Prime Minister Tony Abbott increases his already massive lead on the Political Index this week — thanks mainly to coverage surrounding the repayment of travel expenses he claimed after attending the wedding of Liberal MP Sophie Mirabella. The PM repaid $1094 for a 2006 trip to Wangaratta for the wedding of the former opposition frontbencher — who lost her seat of Indi in a close contest with independant Cathy McGowan — after the Department of Finance told him it could not guarantee he was entitled to it.
Indeed, expenses have dominated the headlines since Attorney-General George Brandis and Federal Agriculture Minister Barnaby Joyce agreed to repay expenses for the wedding of Sydney radio broadcaster Michael Smith. Even squeaky clean Communications Minister Malcolm Turnbull was drawn on the subject, saying “if there is any doubt, don’t make a claim”.
That said, the bulk of coverage for Turnbull centered on new NBN executive chairman Ziggy Switkowski’s report on the project which is due by December 2. Turnbull spent much of the week suggesting country towns are ideal for his fibre-to-the-node architecture as they typically have a Telstra exchange connected to fibre, which makes it easy to install high speed broadband and would be faster than the Labor Party’s wireless option.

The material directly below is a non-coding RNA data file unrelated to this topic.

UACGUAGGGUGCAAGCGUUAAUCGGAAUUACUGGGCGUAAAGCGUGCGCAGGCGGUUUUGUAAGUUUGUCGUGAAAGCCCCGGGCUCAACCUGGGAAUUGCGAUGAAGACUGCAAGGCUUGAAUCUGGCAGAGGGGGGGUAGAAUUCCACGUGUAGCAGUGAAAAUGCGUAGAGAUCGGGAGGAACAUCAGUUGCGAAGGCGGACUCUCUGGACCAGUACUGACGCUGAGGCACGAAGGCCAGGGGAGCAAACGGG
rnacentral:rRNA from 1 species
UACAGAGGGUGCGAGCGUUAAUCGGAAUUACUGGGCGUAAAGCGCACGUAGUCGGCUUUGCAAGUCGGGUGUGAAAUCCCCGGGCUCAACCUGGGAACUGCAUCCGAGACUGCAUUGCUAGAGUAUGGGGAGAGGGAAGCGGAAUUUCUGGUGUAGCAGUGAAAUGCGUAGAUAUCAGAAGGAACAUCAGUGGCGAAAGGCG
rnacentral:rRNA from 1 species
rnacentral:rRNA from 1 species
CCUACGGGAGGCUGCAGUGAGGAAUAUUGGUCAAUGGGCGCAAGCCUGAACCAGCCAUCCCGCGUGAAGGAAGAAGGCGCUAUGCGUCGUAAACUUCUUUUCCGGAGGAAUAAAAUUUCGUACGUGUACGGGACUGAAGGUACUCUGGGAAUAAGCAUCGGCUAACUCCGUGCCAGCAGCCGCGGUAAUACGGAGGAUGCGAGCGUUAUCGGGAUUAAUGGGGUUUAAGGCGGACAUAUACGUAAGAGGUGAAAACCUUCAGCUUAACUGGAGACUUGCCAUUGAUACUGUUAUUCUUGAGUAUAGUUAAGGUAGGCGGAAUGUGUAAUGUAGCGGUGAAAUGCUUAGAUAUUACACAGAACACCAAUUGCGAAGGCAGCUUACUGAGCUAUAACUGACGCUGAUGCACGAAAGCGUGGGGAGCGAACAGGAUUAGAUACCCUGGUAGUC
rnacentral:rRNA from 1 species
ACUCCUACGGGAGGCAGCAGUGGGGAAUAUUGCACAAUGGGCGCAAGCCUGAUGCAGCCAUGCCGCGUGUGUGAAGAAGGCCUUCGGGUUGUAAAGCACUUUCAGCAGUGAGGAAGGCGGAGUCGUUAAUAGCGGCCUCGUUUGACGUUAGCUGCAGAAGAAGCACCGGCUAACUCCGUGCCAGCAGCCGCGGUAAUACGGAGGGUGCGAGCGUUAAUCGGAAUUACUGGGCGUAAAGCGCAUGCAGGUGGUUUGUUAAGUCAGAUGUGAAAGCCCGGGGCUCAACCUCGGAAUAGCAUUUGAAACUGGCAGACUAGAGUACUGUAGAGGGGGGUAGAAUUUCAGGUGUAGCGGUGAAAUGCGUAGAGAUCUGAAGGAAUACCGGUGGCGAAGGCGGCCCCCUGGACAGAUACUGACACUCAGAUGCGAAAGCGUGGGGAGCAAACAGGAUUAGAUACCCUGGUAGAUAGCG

Meanwhile, Senator Nick Xenophon was another mover — up 15 points on table — as he rejected claims by former senate candidate Dianah Mieglich of a “verbal undertaking” to preference her above the major parties. And in NSW state politics, Premier Barry O’Farrell gained nine points as he wouldn’t reveal if he’d follow Queensland Premier Campbell Newman’s lead on stronger anti-bikie laws.
Crikey Political Index: October 3-9
The ALP’s ongoing conversation about itself continues to get a spike from talkback radio.
Talkback top five
Abbott is streaks ahead in the Twittersphere, but it is all about the Labor leadership from there.
Social media top five
Sonny Bill ‘Money Bill’ Williams helped the Sydney Roosters to an NRL flag and now must decide whether to stick with league or join the New Zealand Super Rugby side the Chiefs — and potentially play for NZ in a rugby world cup.
Comparisons on media mentions